Lower than projected premiums under the Affordable Care Act will save the federal government $190 billion over 10 years and increase the law’s deficit reduction by 174 percent to almost $300 billion, a new analysis from the Center for American Progress has found. The report, from Topher Spiro and Jonathan Gruber, bolsters President Obama’s claims on Monday that despite the ongoing technical problems surrounding HealthCare.gov, “the product of the Affordable Care Act for people without health insurance is quality health insurance that’s affordable.”
In fact, the emergence of new insurers and increased competition within the law’s marketplaces has lowered premiums below Congressional Budget Office (CBO) projections from March of 2012. While the nonpartisan office estimated that the average second-lowest-cost individual silver plan premiums would cost $4,700 in 2014, the actual average premium turned out to be $3,936 or “16 percent lower than projected.” The savings are significant because the law pegs its tax credits to the cost of the second-lowest silver plan. “If premiums for that plan are lower, then the cost of tax credits will also be lower,” the report argues. Here is why:
Consider a typical individual making $30,000 a year. That individual’s premium contribution would be capped at 8.37 percent of income, or $2,512. If the premium for the second-lowest-cost silver plan is $4,700, then the tax credit would be the difference between this premium and the individual’s contribution, or $2,188. But if the premium for the second-lowest-cost silver plan turns out to be only $3,936, then the tax credit would be $1,424.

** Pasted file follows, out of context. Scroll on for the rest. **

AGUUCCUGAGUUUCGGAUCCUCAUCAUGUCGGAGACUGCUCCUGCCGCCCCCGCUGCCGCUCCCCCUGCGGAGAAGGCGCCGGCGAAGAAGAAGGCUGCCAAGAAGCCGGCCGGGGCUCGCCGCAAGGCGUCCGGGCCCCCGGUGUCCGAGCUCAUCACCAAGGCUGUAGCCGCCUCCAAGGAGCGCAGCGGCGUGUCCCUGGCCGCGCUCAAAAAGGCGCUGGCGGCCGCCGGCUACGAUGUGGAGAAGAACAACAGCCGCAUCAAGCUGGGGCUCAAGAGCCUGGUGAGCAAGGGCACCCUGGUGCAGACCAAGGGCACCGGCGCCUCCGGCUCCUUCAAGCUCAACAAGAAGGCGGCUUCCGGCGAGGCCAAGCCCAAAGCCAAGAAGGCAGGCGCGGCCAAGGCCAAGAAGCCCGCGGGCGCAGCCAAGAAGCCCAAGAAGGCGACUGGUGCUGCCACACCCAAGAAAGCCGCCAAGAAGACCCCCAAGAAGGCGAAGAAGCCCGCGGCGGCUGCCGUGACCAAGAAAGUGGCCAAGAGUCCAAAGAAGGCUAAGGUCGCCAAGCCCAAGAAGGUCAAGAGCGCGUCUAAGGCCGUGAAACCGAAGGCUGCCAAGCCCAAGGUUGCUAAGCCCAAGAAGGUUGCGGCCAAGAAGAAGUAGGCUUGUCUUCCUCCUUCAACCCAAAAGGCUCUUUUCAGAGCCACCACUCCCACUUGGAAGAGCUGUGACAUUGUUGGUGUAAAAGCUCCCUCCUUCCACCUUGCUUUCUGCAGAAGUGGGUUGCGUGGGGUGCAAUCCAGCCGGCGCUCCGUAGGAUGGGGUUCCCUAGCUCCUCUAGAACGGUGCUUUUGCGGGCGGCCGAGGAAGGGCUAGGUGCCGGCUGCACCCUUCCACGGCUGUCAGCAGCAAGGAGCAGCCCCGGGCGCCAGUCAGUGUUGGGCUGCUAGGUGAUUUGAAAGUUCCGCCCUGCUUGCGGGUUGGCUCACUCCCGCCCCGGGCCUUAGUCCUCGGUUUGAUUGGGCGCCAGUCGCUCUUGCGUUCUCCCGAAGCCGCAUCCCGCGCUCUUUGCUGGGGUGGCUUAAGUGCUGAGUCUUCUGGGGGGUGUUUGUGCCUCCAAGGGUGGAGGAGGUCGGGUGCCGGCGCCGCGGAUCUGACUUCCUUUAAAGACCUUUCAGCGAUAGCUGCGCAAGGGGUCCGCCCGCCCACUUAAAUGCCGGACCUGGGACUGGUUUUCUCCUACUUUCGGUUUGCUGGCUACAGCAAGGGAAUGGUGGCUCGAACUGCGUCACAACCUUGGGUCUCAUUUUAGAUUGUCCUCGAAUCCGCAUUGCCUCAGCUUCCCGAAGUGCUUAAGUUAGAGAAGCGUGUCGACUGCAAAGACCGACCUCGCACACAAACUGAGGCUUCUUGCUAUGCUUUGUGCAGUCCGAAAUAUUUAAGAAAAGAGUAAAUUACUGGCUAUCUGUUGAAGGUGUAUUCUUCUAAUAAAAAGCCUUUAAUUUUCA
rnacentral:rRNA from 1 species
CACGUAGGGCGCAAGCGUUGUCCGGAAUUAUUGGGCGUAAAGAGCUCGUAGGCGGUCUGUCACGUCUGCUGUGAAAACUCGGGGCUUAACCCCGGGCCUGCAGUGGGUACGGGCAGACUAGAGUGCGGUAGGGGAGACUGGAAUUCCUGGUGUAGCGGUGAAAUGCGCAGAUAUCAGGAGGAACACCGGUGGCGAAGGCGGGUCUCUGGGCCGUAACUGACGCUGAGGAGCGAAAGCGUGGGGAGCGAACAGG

“[A] 16 percent reduction in premiums will lower the total cost of tax credits by about 21 percent” or $190 billion dollars, Spiro and Gruber calculate. They also note that lower premiums will make insurance more affordable for the uninsured, expanding coverage to an additional 700,000 people.
While the Obama administration has yet to release the number of people who have successfully enrolled in coverage in the 36 states where the federal government is operating health care exchanges, it estimates that 476,000 individuals have begun applying for coverage through federal and state exchanges. Enrollment figures from states operating their own exchanges are also promising.
The CBO predicts that seven million people will sign up for insurance in the health care exchanges between October and March, including 2.7 million young and healthy people. Administration officials expressed confidence on Monday that they expect to meet their targets despite the ongoing website glitches.